Five ways the menopause affects your sex life

Hormonal changes can play havoc with your body

Senior couple in love cuddle in a hotel bed
Tips to Improve Sex After Menopause

Whether you're postmenopausal, currently going through "the change", or just wondering what's in store for you in later life, chances are you've wondered what menopause may mean for your sex life.

See also: Female orgasm - 11 facts that might surprise you
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1. Vaginal dryness is an issue
Skin dries as we get older and is less good at producing moisture. During the menopause, falling levels of oestrogen mean that less lubrication is produced during arousal, which can potentially make sex dry and uncomfortable. Added to that, the vaginal walls tend to get thinner and less 'elastic,' and some women experience itching and soreness.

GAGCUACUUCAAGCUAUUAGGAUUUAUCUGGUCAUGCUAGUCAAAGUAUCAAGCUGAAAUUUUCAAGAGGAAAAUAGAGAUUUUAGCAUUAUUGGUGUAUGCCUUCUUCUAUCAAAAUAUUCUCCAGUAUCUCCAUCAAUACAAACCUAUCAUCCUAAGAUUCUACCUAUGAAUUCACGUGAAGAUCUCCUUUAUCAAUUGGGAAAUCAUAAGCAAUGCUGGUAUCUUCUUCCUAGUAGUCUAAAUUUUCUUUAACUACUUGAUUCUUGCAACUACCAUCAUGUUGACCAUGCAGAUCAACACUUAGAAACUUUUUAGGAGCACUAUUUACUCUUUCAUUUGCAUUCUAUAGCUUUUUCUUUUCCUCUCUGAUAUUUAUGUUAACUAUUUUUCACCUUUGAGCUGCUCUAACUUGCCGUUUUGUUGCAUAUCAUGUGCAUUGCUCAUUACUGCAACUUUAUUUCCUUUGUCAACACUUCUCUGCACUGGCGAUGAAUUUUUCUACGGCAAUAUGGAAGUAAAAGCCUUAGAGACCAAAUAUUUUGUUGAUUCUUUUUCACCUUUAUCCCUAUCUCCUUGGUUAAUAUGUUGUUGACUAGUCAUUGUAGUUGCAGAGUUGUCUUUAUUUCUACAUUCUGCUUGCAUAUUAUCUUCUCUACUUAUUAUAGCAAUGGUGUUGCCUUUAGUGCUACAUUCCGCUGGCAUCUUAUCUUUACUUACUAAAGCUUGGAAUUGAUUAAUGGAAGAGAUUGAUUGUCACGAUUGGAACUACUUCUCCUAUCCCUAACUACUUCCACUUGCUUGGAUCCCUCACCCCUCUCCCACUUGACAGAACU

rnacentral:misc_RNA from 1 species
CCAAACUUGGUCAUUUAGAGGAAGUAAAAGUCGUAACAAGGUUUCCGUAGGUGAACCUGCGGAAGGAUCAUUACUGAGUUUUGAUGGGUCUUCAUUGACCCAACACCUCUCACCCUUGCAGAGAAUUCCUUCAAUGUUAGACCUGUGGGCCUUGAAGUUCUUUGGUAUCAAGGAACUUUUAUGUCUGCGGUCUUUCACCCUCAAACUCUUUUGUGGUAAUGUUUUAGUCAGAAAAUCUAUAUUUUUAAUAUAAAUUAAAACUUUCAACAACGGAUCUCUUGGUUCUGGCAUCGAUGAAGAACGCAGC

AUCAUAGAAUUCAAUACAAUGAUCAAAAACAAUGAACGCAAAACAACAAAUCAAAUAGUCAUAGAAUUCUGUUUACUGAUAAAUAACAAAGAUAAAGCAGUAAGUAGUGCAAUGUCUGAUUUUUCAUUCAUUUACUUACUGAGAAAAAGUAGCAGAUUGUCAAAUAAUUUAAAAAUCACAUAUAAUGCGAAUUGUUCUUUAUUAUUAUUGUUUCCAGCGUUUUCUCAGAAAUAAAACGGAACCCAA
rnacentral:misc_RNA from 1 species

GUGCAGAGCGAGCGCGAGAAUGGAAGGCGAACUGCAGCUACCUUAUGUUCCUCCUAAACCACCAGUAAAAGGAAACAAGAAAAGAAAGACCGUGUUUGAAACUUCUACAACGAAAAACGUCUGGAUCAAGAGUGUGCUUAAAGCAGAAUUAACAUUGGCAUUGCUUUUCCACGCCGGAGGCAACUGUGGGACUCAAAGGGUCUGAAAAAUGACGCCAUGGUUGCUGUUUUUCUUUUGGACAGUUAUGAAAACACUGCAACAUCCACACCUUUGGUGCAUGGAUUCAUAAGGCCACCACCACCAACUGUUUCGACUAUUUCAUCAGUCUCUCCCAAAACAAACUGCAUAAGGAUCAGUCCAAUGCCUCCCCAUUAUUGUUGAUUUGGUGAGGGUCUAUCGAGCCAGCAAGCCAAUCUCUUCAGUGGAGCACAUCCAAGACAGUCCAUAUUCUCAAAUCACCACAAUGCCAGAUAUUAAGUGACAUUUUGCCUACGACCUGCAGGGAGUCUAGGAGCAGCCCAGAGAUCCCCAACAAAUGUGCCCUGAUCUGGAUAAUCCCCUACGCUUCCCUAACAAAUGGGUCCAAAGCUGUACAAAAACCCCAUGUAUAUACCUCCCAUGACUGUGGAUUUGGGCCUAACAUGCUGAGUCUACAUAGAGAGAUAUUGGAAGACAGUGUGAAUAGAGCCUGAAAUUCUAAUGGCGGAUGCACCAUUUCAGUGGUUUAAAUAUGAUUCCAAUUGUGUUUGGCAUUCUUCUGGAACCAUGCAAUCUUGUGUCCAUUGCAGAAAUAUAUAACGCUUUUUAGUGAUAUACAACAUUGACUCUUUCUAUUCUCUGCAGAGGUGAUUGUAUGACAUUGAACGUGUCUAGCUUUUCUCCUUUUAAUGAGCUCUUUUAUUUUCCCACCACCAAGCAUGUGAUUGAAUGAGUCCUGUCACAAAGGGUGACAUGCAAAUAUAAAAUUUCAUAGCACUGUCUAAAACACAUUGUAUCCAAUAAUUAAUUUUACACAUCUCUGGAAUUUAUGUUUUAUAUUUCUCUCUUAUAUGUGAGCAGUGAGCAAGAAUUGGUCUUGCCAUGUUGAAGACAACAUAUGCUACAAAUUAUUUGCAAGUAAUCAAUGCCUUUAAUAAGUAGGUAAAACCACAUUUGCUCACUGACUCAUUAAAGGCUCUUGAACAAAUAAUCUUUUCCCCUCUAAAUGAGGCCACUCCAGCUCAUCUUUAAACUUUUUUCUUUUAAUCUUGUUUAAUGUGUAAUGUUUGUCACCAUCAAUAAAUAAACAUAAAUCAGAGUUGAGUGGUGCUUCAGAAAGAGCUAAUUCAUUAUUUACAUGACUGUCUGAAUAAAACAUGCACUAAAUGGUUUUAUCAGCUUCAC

"Vaginal dryness is a really common issue that affects around 80% of women going through the menopause," says Durex sex and relationships expert, Alix Fox.

"Thankfully, there's a lot more you can do to solve the problem than simply develop a 'dry' sense of humour about it! First of all, as an instant solution, grab a tube of water-based lube. Today's advanced formulations feel really natural, not icky and sticky, and some - like Durex Play Aloe Vera - contain nourishing ingredients that can help care for sensitive skin and soothe soreness."